Hearts and Minds: Voters' Feelings About the Candidates

The thrill is gone.

Maybe voters are simply tired of the seemingly endless campaign for the Democratic nomination. Or maybe their excitement about the new (Barack Obama), the suddenly emoting (Hillary Clinton, in New Hampshire) or the coming-back-from the-politically-dead (John McCain) can’t last forever. But whatever the reason, voters are feeling much less excitement and fewer positive emotions about all three of the remaining presidential candidates than they once did, finds a poll that, uniquely, measures voters’ emotional reactions.

If the trend continues, that’s bad news for the candidates, because research keeps showing that voters base their decisions more on their hearts than their heads and are easily swayed by anxiety, fear and other negative emotions. Latest evidence: anyone who feels—the key word—that Obama doesn’t understand “people like me” because he said that voters embittered about their economic plight “cling to guns or religion or antipathy to people who aren’t like them.” If that loses him any votes, it will not be because of a rational analysis of his record and positions, but because of how it made people feel about him.

Anyway, a company called AdSam measures what it calls “Emotional Temperature,” which gauges people’s emotional engagement with a product, website or advertisement. Since, as we all know from Joe McGinniss’s 1969 book, “The Selling of the President, 1968,” candidates are marketed and sold just like detergent, the same technique should work with politicians.

In its latest study, AdSam measured how strongly voters feel about each candidate, and how engaging they find them. Since last September, Clinton’s “emotional temperature has been on a continual steep decline with voters,” says AdSam president Jon Morris, a professor at the University of Florida, dropping from 93 to 70 (where 173 is how emotionally positive voters say they would like to feel about a candidate). “Her emotional cool-off is a sign that she is not relevant and not making connections with voters. This is a significant barrier for her and will be very difficult for her to turn around.”

Clinton trails both McCain and Obama, whose emotional temperatures are very similar (85 and 88, respectively, this month) and have not fallen off a cliff the way Clinton’s has. Obama dropped 8 points from September to January (97 to 89), and has stayed at about that “temperature” since. McCain moved up 9 points from September to January (79 to 88), but is down 3 points since.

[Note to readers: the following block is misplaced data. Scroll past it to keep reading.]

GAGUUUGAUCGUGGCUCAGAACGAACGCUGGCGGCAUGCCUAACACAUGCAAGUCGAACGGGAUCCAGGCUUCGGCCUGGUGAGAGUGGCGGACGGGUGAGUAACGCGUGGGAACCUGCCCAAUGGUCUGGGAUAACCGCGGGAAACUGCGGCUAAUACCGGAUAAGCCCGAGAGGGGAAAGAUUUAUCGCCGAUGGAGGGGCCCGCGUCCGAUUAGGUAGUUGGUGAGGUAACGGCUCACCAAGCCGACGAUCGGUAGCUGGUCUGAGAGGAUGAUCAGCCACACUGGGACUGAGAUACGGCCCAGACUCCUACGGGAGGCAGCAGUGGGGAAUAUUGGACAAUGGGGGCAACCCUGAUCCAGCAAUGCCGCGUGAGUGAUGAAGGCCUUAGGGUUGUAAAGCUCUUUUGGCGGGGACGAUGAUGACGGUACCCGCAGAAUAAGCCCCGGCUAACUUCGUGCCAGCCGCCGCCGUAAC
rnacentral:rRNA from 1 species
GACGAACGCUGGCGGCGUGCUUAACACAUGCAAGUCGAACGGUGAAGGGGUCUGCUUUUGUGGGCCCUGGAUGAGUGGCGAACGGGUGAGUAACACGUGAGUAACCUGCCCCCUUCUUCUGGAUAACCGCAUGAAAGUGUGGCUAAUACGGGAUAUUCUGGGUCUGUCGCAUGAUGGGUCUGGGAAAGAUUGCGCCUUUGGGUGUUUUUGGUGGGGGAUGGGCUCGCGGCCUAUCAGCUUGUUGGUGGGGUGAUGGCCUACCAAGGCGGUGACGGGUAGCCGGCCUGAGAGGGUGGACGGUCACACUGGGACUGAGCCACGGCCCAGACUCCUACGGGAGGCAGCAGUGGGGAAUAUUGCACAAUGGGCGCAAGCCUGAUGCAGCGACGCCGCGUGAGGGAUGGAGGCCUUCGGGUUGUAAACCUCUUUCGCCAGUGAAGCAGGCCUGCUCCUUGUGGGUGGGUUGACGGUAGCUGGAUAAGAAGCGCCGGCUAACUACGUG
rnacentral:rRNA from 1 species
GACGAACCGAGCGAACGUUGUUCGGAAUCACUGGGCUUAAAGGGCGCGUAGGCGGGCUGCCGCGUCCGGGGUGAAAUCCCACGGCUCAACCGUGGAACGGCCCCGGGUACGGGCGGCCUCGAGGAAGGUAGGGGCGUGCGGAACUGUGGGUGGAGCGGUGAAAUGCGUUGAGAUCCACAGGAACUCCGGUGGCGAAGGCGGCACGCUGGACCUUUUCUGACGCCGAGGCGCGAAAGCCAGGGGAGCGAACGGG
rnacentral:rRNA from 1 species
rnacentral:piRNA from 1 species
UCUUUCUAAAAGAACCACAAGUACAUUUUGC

Obama generates the most positive emotional response among Democrats (beating Clinton 120 to 97) and beats McCain among Independents (97 to 81), with Clinton at 74 among Independents. McCain has finally excited and united Republicans, however, zooming from 101 last September to 145 now.

Clinton is leaving more voters cold, says Morris. Compared to last September or even January, fewer voters feel “interested/excited” by her, while more feel “reluctant,” “uninterested/unexcited” and even “disgusted.” The biggest reason for the turnaround, Morris finds, is that more voters perceive Clinton as dishonest.

Obama is making more Democrats “interested/excited” now than he did in January, but more are also feeling “ambivalent” about him. In follow-up interviews, voters use words such as “truthful,” “honest,” “trust” and “inspirational,” but more and more cite his scant experience on the national stage. The Illinois senator has further to go with Independents: 21 percent feel strong positive emotions about him, compared to 32 percent last September. Equally worrisome, 28 percent now feel “ambivalent,” the most of any emotion among Independents asked about Obama.

More Democrats (20 percent) were disgusted by Clinton’s dishonesty about coming under fire during a trip to Bosnia than by Obama’s links to his controversial pastor (10 percent). We'll see how this translates into votes in Pennsylvania next Tuesday.

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